The stories are graphic and terribly unfunny.
After I called out to him, Tosh paused for a moment. Then, he says, “Wouldn’t it be funny if that girl got raped by like, 5 guys right now? Like right now? What if a bunch of guys just raped her…” and I, completely stunned and finding it hard to process what was happening but knowing i needed to get out of there, immediately nudged my friend, who was also completely stunned, and we high-tailed it out of there. It was humiliating, of course, especially as the audience guffawed in response to Tosh, their eyes following us as we made our way out of there. I didn’t hear the rest of what he said about me.
You totally didn’t need to leave. You needed to be the center of attention and succeeded. Suddenly, the show was all about you and you couldn’t handle it. Did you think some dudes were about to stand up, look to Tosh for a nod of approval before tearing your clothes off and taking turns? That was so probably not going to happen. Most of the guys there were probably with their wives, girlfriends, or women they hoped to have voluntary sex with at some point.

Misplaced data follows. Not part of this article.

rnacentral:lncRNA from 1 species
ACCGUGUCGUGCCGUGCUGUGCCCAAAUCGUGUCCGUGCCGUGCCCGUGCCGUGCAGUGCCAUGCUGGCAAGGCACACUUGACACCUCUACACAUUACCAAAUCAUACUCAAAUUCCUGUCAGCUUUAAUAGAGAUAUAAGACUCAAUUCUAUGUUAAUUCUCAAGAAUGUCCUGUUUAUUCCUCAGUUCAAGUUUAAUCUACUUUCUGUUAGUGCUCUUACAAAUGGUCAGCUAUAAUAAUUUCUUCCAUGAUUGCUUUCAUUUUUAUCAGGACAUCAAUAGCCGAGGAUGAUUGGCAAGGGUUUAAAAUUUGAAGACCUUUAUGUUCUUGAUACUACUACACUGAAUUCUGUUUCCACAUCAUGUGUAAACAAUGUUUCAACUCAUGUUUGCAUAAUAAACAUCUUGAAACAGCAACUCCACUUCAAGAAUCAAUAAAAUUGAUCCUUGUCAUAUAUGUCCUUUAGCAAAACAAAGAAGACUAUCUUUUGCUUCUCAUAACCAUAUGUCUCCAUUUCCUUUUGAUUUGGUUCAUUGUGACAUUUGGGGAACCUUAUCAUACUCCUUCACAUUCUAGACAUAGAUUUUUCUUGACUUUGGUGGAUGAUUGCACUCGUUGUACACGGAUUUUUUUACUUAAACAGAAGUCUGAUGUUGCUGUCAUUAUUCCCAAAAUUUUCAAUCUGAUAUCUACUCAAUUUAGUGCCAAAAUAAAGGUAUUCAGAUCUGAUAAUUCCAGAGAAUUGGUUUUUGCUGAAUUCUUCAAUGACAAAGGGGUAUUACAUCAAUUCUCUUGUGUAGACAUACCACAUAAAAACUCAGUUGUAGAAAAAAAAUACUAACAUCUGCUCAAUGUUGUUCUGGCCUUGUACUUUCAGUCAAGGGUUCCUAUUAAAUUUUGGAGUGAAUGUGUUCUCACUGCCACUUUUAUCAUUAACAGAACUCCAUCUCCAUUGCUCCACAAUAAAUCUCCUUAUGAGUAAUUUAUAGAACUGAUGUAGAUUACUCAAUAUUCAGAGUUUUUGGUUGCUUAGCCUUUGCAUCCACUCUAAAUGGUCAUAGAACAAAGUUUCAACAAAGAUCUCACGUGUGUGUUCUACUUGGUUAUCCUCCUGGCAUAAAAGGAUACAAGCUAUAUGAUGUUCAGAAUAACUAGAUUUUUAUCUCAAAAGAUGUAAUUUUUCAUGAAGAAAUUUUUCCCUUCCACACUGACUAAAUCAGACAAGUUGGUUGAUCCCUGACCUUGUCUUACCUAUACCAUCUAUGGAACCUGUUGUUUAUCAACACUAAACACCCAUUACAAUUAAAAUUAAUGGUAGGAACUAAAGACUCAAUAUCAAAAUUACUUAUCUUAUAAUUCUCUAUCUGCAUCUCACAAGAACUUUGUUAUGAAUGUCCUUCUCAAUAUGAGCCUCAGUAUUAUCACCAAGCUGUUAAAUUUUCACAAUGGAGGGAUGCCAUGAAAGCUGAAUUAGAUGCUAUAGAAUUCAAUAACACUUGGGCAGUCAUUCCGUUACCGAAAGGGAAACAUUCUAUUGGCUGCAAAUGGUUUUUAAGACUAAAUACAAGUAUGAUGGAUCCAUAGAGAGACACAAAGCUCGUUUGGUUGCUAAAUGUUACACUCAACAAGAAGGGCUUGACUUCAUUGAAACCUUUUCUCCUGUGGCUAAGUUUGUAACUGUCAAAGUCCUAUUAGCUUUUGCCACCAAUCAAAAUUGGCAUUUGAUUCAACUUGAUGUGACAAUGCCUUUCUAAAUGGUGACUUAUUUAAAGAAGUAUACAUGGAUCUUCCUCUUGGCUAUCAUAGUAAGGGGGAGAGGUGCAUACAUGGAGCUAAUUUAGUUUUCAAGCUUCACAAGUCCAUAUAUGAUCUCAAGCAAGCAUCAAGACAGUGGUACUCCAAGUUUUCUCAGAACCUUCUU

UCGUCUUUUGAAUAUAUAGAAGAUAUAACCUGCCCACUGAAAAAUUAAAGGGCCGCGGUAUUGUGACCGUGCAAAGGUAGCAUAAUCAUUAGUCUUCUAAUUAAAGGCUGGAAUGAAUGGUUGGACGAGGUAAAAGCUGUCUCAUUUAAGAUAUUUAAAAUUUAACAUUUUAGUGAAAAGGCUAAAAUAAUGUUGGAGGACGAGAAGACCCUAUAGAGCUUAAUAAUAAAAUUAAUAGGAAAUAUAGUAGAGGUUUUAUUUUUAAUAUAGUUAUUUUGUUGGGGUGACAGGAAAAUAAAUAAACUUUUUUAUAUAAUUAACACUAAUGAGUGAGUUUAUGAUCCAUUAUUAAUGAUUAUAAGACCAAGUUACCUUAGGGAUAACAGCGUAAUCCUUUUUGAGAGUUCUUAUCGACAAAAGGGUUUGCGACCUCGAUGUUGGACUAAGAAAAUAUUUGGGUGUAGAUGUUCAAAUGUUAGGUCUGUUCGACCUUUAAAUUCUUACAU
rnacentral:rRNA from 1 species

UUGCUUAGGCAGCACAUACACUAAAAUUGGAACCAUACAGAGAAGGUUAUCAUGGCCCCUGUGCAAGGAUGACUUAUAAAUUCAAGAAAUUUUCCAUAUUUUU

I can honestly understand that you felt threatened, but you were really in no danger. Tosh makes people laugh by making them uncomfortable. You were the least civilized person at the show.
Now in the lobby, I spoke with the girl at the will-call desk, and demanded to see the manager. The manager on duty quickly came out to speak with me, and she was profusely apologetic, and seemed genuinely sorry about what had happened, but of course we received no refund for our tickets, but instead a comped pair of tickets, although she admitted she understood if we never wanted to come back. I can imagine the Laugh Factory doesn’t really have a policy in place for what happens when a woman has to leave in a hurry because the person onstage is hurling violent words about sexual violence at her. Although maybe I’m not the first girl to have that happen to her.
“Violent words” you say? There is no such thing. What the fuck ever happened to “sticks and stones…?”
[…]The suggestion of it is violent enough and was meant to put me in my place.
It was absolutely meant to put you in your place as a member of the audience and not part of the act. Mission accomplished.
The popular reaction to this story threatens stand-up comedy. It could do to comedy clubs and “blue” comics what Janet Jackson’s nipple did to FCC regulated media, and that scares me. This is all for now, but I’ll have more to say on this subject by the end of the week.